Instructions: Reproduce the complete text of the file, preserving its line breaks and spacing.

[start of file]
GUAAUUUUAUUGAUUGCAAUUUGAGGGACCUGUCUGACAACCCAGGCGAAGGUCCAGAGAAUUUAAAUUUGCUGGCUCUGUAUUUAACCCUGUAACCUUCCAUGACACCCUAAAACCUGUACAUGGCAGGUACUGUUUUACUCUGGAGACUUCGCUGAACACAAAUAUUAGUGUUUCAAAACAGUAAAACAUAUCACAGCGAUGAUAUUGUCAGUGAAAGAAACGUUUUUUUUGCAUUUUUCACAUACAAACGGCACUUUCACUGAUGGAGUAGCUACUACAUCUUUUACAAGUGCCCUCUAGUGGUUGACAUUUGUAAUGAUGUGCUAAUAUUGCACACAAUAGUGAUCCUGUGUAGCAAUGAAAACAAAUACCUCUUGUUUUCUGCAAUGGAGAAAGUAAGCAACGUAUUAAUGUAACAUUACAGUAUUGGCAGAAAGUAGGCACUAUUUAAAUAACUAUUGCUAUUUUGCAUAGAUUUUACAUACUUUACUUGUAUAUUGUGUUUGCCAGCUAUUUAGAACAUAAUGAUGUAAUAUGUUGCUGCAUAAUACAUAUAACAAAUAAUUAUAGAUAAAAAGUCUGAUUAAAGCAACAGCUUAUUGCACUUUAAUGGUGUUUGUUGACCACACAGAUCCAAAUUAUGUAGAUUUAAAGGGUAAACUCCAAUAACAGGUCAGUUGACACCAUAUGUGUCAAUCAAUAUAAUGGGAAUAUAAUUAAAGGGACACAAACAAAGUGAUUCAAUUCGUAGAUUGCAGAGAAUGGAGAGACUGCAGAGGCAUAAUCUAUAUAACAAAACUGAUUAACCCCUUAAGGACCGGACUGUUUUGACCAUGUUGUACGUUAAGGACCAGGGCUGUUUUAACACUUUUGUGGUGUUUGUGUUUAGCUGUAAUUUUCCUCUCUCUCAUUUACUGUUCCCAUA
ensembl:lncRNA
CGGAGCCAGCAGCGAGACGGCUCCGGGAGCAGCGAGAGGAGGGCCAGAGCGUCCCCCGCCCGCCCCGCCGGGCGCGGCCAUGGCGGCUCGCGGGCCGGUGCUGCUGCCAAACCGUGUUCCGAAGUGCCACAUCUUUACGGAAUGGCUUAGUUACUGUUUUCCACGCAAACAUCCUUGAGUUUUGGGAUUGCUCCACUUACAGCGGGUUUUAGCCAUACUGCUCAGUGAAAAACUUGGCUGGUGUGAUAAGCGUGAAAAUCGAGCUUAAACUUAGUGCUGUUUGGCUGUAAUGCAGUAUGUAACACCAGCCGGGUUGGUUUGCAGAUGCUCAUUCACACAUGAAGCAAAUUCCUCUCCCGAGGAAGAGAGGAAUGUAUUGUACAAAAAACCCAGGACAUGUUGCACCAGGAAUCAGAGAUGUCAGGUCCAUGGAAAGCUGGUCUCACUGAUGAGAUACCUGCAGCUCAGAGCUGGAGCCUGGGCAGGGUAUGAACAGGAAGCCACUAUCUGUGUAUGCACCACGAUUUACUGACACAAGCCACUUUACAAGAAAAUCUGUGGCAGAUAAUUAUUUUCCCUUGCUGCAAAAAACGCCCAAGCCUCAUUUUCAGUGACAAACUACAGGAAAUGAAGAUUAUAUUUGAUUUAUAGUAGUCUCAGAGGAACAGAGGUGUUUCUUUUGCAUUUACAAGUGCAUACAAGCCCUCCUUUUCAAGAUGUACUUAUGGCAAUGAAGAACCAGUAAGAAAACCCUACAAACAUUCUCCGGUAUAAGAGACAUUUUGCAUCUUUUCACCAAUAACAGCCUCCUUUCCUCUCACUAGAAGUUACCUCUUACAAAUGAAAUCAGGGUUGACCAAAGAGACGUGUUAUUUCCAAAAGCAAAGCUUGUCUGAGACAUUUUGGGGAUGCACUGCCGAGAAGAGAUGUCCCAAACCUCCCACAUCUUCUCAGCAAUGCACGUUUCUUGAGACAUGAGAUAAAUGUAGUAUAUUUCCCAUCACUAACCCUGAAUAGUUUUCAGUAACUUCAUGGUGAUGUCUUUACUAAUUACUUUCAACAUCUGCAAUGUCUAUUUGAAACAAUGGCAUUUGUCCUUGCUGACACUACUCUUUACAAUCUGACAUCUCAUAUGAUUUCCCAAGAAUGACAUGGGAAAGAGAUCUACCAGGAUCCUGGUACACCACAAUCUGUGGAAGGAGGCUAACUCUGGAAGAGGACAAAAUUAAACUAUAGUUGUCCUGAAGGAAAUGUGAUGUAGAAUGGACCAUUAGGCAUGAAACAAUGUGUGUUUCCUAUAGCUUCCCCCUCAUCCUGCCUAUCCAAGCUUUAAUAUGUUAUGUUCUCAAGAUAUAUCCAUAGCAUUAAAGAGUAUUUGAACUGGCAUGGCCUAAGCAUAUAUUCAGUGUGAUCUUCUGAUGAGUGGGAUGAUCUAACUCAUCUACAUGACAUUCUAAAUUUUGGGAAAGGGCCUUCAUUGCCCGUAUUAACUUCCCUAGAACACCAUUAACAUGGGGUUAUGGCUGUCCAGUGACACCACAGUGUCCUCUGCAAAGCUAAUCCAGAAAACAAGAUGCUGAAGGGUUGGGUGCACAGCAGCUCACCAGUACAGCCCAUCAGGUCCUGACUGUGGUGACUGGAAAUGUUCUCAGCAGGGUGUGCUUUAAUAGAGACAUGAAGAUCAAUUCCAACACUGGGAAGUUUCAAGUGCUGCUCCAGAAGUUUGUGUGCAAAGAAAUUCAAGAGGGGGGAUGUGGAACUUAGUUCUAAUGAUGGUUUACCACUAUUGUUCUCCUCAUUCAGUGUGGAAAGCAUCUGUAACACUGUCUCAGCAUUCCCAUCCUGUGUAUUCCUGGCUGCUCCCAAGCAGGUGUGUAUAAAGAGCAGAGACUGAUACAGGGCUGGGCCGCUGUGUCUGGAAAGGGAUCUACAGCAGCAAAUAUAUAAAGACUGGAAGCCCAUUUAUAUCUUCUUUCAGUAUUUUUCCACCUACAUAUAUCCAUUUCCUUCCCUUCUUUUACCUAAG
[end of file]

GUAAUUUUAUUGAUUGCAAUUUGAGGGACCUGUCUGACAACCCAGGCGAAGGUCCAGAGAAUUUAAAUUUGCUGGCUCUGUAUUUAACCCUGUAACCUUCCAUGACACCCUAAAACCUGUACAUGGCAGGUACUGUUUUACUCUGGAGACUUCGCUGAACACAAAUAUUAGUGUUUCAAAACAGUAAAACAUAUCACAGCGAUGAUAUUGUCAGUGAAAGAAACGUUUUUUUUGCAUUUUUCACAUACAAACGGCACUUUCACUGAUGGAGUAGCUACUACAUCUUUUACAAGUGCCCUCUAGUGGUUGACAUUUGUAAUGAUGUGCUAAUAUUGCACACAAUAGUGAUCCUGUGUAGCAAUGAAAACAAAUACCUCUUGUUUUCUGCAAUGGAGAAAGUAAGCAACGUAUUAAUGUAACAUUACAGUAUUGGCAGAAAGUAGGCACUAUUUAAAUAACUAUUGCUAUUUUGCAUAGAUUUUACAUACUUUACUUGUAUAUUGUGUUUGCCAGCUAUUUAGAACAUAAUGAUGUAAUAUGUUGCUGCAUAAUACAUAUAACAAAUAAUUAUAGAUAAAAAGUCUGAUUAAAGCAACAGCUUAUUGCACUUUAAUGGUGUUUGUUGACCACACAGAUCCAAAUUAUGUAGAUUUAAAGGGUAAACUCCAAUAACAGGUCAGUUGACACCAUAUGUGUCAAUCAAUAUAAUGGGAAUAUAAUUAAAGGGACACAAACAAAGUGAUUCAAUUCGUAGAUUGCAGAGAAUGGAGAGACUGCAGAGGCAUAAUCUAUAUAACAAAACUGAUUAACCCCUUAAGGACCGGACUGUUUUGACCAUGUUGUACGUUAAGGACCAGGGCUGUUUUAACACUUUUGUGGUGUUUGUGUUUAGCUGUAAUUUUCCUCUCUCUCAUUUACUGUUCCCAUA
ensembl:lncRNA
CGGAGCCAGCAGCGAGACGGCUCCGGGAGCAGCGAGAGGAGGGCCAGAGCGUCCCCCGCCCGCCCCGCCGGGCGCGGCCAUGGCGGCUCGCGGGCCGGUGCUGCUGCCAAACCGUGUUCCGAAGUGCCACAUCUUUACGGAAUGGCUUAGUUACUGUUUUCCACGCAAACAUCCUUGAGUUUUGGGAUUGCUCCACUUACAGCGGGUUUUAGCCAUACUGCUCAGUGAAAAACUUGGCUGGUGUGAUAAGCGUGAAAAUCGAGCUUAAACUUAGUGCUGUUUGGCUGUAAUGCAGUAUGUAACACCAGCCGGGUUGGUUUGCAGAUGCUCAUUCACACAUGAAGCAAAUUCCUCUCCCGAGGAAGAGAGGAAUGUAUUGUACAAAAAACCCAGGACAUGUUGCACCAGGAAUCAGAGAUGUCAGGUCCAUGGAAAGCUGGUCUCACUGAUGAGAUACCUGCAGCUCAGAGCUGGAGCCUGGGCAGGGUAUGAACAGGAAGCCACUAUCUGUGUAUGCACCACGAUUUACUGACACAAGCCACUUUACAAGAAAAUCUGUGGCAGAUAAUUAUUUUCCCUUGCUGCAAAAAACGCCCAAGCCUCAUUUUCAGUGACAAACUACAGGAAAUGAAGAUUAUAUUUGAUUUAUAGUAGUCUCAGAGGAACAGAGGUGUUUCUUUUGCAUUUACAAGUGCAUACAAGCCCUCCUUUUCAAGAUGUACUUAUGGCAAUGAAGAACCAGUAAGAAAACCCUACAAACAUUCUCCGGUAUAAGAGACAUUUUGCAUCUUUUCACCAAUAACAGCCUCCUUUCCUCUCACUAGAAGUUACCUCUUACAAAUGAAAUCAGGGUUGACCAAAGAGACGUGUUAUUUCCAAAAGCAAAGCUUGUCUGAGACAUUUUGGGGAUGCACUGCCGAGAAGAGAUGUCCCAAACCUCCCACAUCUUCUCAGCAAUGCACGUUUCUUGAGACAUGAGAUAAAUGUAGUAUAUUUCCCAUCACUAACCCUGAAUAGUUUUCAGUAACUUCAUGGUGAUGUCUUUACUAAUUACUUUCAACAUCUGCAAUGUCUAUUUGAAACAAUGGCAUUUGUCCUUGCUGACACUACUCUUUACAAUCUGACAUCUCAUAUGAUUUCCCAAGAAUGACAUGGGAAAGAGAUCUACCAGGAUCCUGGUACACCACAAUCUGUGGAAGGAGGCUAACUCUGGAAGAGGACAAAAUUAAACUAUAGUUGUCCUGAAGGAAAUGUGAUGUAGAAUGGACCAUUAGGCAUGAAACAAUGUGUGUUUCCUAUAGCUUCCCCCUCAUCCUGCCUAUCCAAGCUUUAAUAUGUUAUGUUCUCAAGAUAUAUCCAUAGCAUUAAAGAGUAUUUGAACUGGCAUGGCCUAAGCAUAUAUUCAGUGUGAUCUUCUGAUGAGUGGGAUGAUCUAACUCAUCUACAUGACAUUCUAAAUUUUGGGAAAGGGCCUUCAUUGCCCGUAUUAACUUCCCUAGAACACCAUUAACAUGGGGUUAUGGCUGUCCAGUGACACCACAGUGUCCUCUGCAAAGCUAAUCCAGAAAACAAGAUGCUGAAGGGUUGGGUGCACAGCAGCUCACCAGUACAGCCCAUCAGGUCCUGACUGUGGUGACUGGAAAUGUUCUCAGCAGGGUGUGCUUUAAUAGAGACAUGAAGAUCAAUUCCAACACUGGGAAGUUUCAAGUGCUGCUCCAGAAGUUUGUGUGCAAAGAAAUUCAAGAGGGGGGAUGUGGAACUUAGUUCUAAUGAUGGUUUACCACUAUUGUUCUCCUCAUUCAGUGUGGAAAGCAUCUGUAACACUGUCUCAGCAUUCCCAUCCUGUGUAUUCCUGGCUGCUCCCAAGCAGGUGUGUAUAAAGAGCAGAGACUGAUACAGGGCUGGGCCGCUGUGUCUGGAAAGGGAUCUACAGCAGCAAAUAUAUAAAGACUGGAAGCCCAUUUAUAUCUUCUUUCAGUAUUUUUCCACCUACAUAUAUCCAUUUCCUUCCCUUCUUUUACCUAAG